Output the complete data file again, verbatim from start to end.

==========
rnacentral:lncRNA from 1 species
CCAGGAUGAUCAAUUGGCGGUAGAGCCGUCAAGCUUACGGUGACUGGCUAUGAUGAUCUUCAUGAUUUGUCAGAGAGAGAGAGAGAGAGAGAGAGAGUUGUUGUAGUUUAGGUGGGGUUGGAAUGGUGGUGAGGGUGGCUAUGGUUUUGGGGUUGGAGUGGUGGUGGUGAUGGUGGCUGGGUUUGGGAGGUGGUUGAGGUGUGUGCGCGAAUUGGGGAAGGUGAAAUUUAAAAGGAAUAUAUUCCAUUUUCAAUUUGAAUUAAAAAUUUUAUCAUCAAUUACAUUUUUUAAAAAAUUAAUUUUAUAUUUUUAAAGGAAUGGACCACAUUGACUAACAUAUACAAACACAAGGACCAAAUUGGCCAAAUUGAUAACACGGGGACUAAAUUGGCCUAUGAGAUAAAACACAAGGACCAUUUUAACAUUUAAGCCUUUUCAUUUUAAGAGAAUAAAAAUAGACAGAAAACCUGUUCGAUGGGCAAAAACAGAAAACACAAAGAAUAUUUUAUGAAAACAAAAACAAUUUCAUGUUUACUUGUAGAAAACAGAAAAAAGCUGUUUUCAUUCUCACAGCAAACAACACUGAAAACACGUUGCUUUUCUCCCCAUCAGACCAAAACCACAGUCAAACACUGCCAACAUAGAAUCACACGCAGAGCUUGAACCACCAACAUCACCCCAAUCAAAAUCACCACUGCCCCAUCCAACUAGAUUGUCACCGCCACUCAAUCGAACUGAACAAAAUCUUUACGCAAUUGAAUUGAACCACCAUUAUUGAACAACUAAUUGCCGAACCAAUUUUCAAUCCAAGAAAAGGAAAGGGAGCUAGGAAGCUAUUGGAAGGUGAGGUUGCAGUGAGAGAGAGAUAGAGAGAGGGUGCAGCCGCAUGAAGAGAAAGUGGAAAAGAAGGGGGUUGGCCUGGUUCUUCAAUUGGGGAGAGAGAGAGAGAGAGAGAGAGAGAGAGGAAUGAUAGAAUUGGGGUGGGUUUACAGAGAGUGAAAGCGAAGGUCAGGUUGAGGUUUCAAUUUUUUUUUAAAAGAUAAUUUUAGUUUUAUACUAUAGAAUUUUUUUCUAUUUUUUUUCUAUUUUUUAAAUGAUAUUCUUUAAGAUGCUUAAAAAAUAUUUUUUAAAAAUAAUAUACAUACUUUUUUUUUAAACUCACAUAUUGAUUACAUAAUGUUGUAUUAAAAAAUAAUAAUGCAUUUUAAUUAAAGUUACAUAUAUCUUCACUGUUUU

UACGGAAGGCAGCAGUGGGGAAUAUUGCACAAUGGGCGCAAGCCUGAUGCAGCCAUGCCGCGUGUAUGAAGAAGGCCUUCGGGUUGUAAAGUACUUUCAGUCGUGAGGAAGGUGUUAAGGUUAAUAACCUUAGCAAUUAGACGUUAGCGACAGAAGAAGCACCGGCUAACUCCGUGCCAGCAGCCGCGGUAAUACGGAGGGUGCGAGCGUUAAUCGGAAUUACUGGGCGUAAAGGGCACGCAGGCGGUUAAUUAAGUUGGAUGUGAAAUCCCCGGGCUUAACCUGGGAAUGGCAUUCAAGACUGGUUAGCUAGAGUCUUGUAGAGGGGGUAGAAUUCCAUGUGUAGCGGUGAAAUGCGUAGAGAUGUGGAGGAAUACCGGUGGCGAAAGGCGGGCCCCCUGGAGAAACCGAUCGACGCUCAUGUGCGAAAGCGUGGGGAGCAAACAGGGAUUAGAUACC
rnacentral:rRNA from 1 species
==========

rnacentral:lncRNA from 1 species
CCAGGAUGAUCAAUUGGCGGUAGAGCCGUCAAGCUUACGGUGACUGGCUAUGAUGAUCUUCAUGAUUUGUCAGAGAGAGAGAGAGAGAGAGAGAGAGUUGUUGUAGUUUAGGUGGGGUUGGAAUGGUGGUGAGGGUGGCUAUGGUUUUGGGGUUGGAGUGGUGGUGGUGAUGGUGGCUGGGUUUGGGAGGUGGUUGAGGUGUGUGCGCGAAUUGGGGAAGGUGAAAUUUAAAAGGAAUAUAUUCCAUUUUCAAUUUGAAUUAAAAAUUUUAUCAUCAAUUACAUUUUUUAAAAAAUUAAUUUUAUAUUUUUAAAGGAAUGGACCACAUUGACUAACAUAUACAAACACAAGGACCAAAUUGGCCAAAUUGAUAACACGGGGACUAAAUUGGCCUAUGAGAUAAAACACAAGGACCAUUUUAACAUUUAAGCCUUUUCAUUUUAAGAGAAUAAAAAUAGACAGAAAACCUGUUCGAUGGGCAAAAACAGAAAACACAAAGAAUAUUUUAUGAAAACAAAAACAAUUUCAUGUUUACUUGUAGAAAACAGAAAAAAGCUGUUUUCAUUCUCACAGCAAACAACACUGAAAACACGUUGCUUUUCUCCCCAUCAGACCAAAACCACAGUCAAACACUGCCAACAUAGAAUCACACGCAGAGCUUGAACCACCAACAUCACCCCAAUCAAAAUCACCACUGCCCCAUCCAACUAGAUUGUCACCGCCACUCAAUCGAACUGAACAAAAUCUUUACGCAAUUGAAUUGAACCACCAUUAUUGAACAACUAAUUGCCGAACCAAUUUUCAAUCCAAGAAAAGGAAAGGGAGCUAGGAAGCUAUUGGAAGGUGAGGUUGCAGUGAGAGAGAGAUAGAGAGAGGGUGCAGCCGCAUGAAGAGAAAGUGGAAAAGAAGGGGGUUGGCCUGGUUCUUCAAUUGGGGAGAGAGAGAGAGAGAGAGAGAGAGAGAGGAAUGAUAGAAUUGGGGUGGGUUUACAGAGAGUGAAAGCGAAGGUCAGGUUGAGGUUUCAAUUUUUUUUUAAAAGAUAAUUUUAGUUUUAUACUAUAGAAUUUUUUUCUAUUUUUUUUCUAUUUUUUAAAUGAUAUUCUUUAAGAUGCUUAAAAAAUAUUUUUUAAAAAUAAUAUACAUACUUUUUUUUUAAACUCACAUAUUGAUUACAUAAUGUUGUAUUAAAAAAUAAUAAUGCAUUUUAAUUAAAGUUACAUAUAUCUUCACUGUUUU

UACGGAAGGCAGCAGUGGGGAAUAUUGCACAAUGGGCGCAAGCCUGAUGCAGCCAUGCCGCGUGUAUGAAGAAGGCCUUCGGGUUGUAAAGUACUUUCAGUCGUGAGGAAGGUGUUAAGGUUAAUAACCUUAGCAAUUAGACGUUAGCGACAGAAGAAGCACCGGCUAACUCCGUGCCAGCAGCCGCGGUAAUACGGAGGGUGCGAGCGUUAAUCGGAAUUACUGGGCGUAAAGGGCACGCAGGCGGUUAAUUAAGUUGGAUGUGAAAUCCCCGGGCUUAACCUGGGAAUGGCAUUCAAGACUGGUUAGCUAGAGUCUUGUAGAGGGGGUAGAAUUCCAUGUGUAGCGGUGAAAUGCGUAGAGAUGUGGAGGAAUACCGGUGGCGAAAGGCGGGCCCCCUGGAGAAACCGAUCGACGCUCAUGUGCGAAAGCGUGGGGAGCAAACAGGGAUUAGAUACC
rnacentral:rRNA from 1 species